Tourist information and Urquhart Castle

By | Category: Travel news

part of the ruins of Urquhart Castle with Loch Ness behind it

Tonight is when a public meeting has been called at Glenurquhart Public Hall to discuss the possible takeover of the assets or land of Urquhart Castle Visitor Centre, the tourist information centre (on council land and leased to Visit Scotland) and some land connected to Loch Ness Homes Parkland.

The purpose behind the takeover is to generate funds for the local community, as opposed (I would guess) funds going back to Historic Environment Scotland and the local council.

To put this into context, the castle – which stands on the banks of Loch Ness – attracts about 487,000 visitors a year according to the latest figures and is one of HES’s most popular attractions. Everyone knows the tourist potential of Loch Ness so why would HES relinquish ownership/guardianship to a community organisation when about a sixth of its entry fee income comes from this one site?

What is it that has made a community decide to take on the financial liabilities of owning it? It obviously thinks that it can manage the site just as well as if not better than HES and that the financial injection (£2.69 million from entrance fees is one estimation) into the community will be significant. But there are pitfalls. As the heritage guardian in Scotland, HES might impose conditions on upkeep and site usage that could prove to be onerous? Costs for maintaining mediaeval castles don’t run cheaply and specialist architects and builders don’t grow on trees.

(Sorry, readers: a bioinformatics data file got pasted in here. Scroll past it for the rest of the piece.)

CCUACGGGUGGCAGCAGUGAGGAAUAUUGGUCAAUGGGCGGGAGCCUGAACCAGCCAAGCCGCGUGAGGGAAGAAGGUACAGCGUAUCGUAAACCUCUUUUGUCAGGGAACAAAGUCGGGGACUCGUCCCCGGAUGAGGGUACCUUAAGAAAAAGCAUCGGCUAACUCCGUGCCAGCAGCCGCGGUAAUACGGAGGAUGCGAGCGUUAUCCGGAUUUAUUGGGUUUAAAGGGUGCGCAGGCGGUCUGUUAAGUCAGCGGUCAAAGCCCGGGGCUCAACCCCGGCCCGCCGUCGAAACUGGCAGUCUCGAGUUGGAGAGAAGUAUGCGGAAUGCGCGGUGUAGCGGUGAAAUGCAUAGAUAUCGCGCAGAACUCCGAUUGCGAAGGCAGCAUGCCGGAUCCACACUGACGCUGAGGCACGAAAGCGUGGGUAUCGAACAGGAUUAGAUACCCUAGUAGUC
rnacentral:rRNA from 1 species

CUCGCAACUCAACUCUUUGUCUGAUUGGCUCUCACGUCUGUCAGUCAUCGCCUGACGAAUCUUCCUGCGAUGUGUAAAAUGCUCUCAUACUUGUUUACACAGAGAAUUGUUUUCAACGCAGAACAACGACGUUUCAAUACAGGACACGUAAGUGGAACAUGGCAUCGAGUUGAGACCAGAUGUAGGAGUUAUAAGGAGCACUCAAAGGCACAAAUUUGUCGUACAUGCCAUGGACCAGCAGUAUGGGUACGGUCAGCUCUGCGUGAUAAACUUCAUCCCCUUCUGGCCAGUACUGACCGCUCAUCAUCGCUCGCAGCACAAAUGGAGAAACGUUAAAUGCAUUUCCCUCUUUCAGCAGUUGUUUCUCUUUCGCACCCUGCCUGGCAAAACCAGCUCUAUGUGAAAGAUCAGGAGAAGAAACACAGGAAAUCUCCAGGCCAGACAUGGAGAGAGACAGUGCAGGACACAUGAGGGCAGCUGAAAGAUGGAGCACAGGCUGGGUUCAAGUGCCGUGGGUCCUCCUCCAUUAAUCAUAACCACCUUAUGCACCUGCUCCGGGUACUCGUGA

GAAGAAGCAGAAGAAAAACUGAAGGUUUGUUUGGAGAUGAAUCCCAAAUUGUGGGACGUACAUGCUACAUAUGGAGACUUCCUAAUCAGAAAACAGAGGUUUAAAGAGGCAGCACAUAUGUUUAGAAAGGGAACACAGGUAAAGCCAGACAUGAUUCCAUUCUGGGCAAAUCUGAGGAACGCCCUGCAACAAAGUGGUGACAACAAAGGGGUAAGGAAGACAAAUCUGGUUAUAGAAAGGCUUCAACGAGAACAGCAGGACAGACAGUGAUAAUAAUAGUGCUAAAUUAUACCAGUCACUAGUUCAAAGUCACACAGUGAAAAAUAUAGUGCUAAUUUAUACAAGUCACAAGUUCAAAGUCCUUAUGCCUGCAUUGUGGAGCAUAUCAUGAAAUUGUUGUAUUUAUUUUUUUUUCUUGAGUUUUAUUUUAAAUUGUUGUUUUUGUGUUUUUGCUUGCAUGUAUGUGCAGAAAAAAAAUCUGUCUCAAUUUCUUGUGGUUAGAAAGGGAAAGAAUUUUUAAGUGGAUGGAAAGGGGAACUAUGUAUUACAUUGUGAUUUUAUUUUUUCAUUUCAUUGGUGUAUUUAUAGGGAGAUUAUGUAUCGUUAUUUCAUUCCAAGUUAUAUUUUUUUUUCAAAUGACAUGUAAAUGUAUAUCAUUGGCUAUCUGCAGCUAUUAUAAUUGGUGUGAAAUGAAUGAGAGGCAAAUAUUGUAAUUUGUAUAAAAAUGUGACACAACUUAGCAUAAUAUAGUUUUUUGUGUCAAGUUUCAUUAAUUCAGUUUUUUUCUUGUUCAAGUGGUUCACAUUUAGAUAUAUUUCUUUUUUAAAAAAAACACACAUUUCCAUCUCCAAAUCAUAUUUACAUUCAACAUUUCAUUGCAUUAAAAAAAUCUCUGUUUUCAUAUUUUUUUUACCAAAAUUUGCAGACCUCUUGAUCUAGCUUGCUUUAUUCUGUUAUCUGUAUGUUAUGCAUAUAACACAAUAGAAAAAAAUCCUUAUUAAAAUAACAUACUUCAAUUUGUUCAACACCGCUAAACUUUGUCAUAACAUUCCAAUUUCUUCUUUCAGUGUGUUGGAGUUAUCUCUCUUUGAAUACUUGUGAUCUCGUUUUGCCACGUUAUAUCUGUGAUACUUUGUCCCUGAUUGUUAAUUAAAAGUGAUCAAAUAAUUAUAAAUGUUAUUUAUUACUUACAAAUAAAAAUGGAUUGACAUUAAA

The body behind the purchase is called GURCA (Glenurquhart Rural Community Association) and they will need to raise a lot of money – millions – in order to obtain the three.

GURCA is not alone in thinking that it can run a local heritage site better than the national body tasked with the task. Such doubts are not confined to Scotland and at least one community council in Wales has discussed taking over the management of a site felt by locals to be badly managed.

This is why people outside the vicinity of Loch Ness will be watching what happens with Urquhart Castle and the visitor centre. If successful expect to see more communities look to running their own heritage sites.

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